For this assignment, which is to be 2 pages, typed and double spaced, you will argue either that Ivan the Terribles oprichnina (1565-72) was either rational or pathological/irrational.  Make your thesis statement more specific by saying something like: It was rational (or irrational) because of x, y, and z.  Then the body of the paper will discuss x in a paragraph or two, then y, and finally z.  The conclusion will restate your main point. It could also just list two points if that is what you find.  Read Kaiser, pp. 150-163 and 103-104, then Maureen Perrie and Andrei Pavlov, Ivan the Terrible (New York: Taylor & Francis, 2003), Introduction, pp. 1-9 and Conclusion, pp. 204-207. 
    For the paper, you will have a thesis statement that argues either that the oprichnina was rational or that it was irrational.  Do not argue both, as you dont have enough space to do so.  You are required to have at least one quote from Heinrich von Staden (Kaiser, pp. 151-154), from Robert Crummey (Kaiser, pp. 158-163), one from the Perrie book, as well as one from the other sources in Kaiser (either Platonov or Kollman).  You are required to have FIVE footnotes overall.  That means you will quote one of the above sources more than once. Make sure that you give the author before the quote.  Example: Heinrich von Staden wrote that the distress and misery continued in the city for six weeks.  You must have a footnote for each direct quote.  Search the internet to find out how to insert a footnote in your word processing program.  Do not use endnotes.  Do not use footer.  Do not have a works cited or bibliography page.  If you use Kaiser, just change the page number in the footnote.  When you cite Perrie, make the citation as close to the Kaiser footnote as possible.  Substitute authors for authors, title for title, etc.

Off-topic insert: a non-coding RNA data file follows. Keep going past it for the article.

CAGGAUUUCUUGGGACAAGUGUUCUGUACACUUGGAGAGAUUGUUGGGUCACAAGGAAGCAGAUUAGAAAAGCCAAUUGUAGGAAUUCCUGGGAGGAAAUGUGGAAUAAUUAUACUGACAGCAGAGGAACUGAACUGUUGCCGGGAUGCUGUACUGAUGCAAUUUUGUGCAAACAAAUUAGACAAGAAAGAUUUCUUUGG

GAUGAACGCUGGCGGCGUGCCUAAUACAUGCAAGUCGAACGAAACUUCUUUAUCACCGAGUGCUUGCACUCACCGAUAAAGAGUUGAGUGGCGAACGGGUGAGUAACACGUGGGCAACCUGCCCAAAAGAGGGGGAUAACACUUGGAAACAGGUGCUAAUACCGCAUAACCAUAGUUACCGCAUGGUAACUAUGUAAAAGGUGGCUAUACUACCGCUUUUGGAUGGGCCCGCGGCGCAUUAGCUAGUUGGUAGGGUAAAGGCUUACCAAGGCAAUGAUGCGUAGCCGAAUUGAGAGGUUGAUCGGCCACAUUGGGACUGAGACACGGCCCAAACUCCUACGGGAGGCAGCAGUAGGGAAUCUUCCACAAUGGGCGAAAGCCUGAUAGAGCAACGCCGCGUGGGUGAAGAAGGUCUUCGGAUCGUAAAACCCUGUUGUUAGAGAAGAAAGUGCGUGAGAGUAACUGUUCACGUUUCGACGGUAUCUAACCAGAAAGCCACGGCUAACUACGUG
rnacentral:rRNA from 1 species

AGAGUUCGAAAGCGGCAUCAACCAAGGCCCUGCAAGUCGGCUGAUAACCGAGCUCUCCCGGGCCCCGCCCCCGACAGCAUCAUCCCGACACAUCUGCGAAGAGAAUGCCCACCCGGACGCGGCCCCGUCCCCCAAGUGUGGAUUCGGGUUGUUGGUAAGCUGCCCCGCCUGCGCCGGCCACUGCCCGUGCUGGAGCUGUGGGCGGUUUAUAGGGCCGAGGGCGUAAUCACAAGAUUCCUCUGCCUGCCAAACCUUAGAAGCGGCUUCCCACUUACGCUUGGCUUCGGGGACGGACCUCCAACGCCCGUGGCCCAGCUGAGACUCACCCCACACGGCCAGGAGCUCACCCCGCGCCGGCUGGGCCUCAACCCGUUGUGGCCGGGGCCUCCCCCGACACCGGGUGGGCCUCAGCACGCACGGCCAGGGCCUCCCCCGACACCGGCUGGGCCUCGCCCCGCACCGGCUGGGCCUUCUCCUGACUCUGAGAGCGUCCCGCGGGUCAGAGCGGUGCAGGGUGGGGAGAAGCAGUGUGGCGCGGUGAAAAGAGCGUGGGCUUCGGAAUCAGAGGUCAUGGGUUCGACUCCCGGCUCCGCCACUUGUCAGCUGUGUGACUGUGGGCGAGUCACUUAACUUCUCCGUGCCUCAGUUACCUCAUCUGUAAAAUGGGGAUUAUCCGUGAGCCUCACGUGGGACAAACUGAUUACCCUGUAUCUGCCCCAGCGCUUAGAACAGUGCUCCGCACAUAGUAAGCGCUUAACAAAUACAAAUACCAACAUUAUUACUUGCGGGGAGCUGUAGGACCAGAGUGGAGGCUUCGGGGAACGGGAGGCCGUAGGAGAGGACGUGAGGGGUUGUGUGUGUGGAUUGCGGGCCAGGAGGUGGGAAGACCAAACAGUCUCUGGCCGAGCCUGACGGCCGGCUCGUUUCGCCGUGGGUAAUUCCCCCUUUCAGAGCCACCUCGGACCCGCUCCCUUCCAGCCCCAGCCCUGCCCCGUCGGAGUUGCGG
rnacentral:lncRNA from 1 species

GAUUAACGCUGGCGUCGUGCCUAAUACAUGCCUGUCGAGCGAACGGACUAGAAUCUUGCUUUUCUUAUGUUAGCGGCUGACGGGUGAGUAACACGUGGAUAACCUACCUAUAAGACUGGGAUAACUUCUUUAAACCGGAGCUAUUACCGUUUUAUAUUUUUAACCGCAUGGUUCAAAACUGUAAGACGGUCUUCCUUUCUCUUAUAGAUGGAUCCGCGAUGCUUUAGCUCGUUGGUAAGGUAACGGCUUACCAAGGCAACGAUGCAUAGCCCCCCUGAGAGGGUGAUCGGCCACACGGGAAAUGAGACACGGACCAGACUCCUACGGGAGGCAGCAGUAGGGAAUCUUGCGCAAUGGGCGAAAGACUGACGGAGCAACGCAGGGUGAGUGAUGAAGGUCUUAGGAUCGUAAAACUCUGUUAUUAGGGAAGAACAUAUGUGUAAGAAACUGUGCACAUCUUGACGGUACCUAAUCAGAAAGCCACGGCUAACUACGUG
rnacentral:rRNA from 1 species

Please note that each text in Kaiser has an introduction that is a secondary source because it is written by a historian after the fact.  Quoting from these introductions will not count toward the required sources.  A direct quote is a word for word copying of material from one of the texts.  It must be enclosed by quotation marks at the beginning and end.  You may use material from the internet if you wish, but it will not count towards the five footnotes and must be enclosed in quotation marks and have a footnote giving the web address (http://etc) and date you accessed it.

this is the citation/footnote for the Kaiser book
  Daniel H. Kaiser and Gary Marker, Reinterpreting Russian History: Readings, 860-1860s (Oxford: Oxford University Press, 1994)


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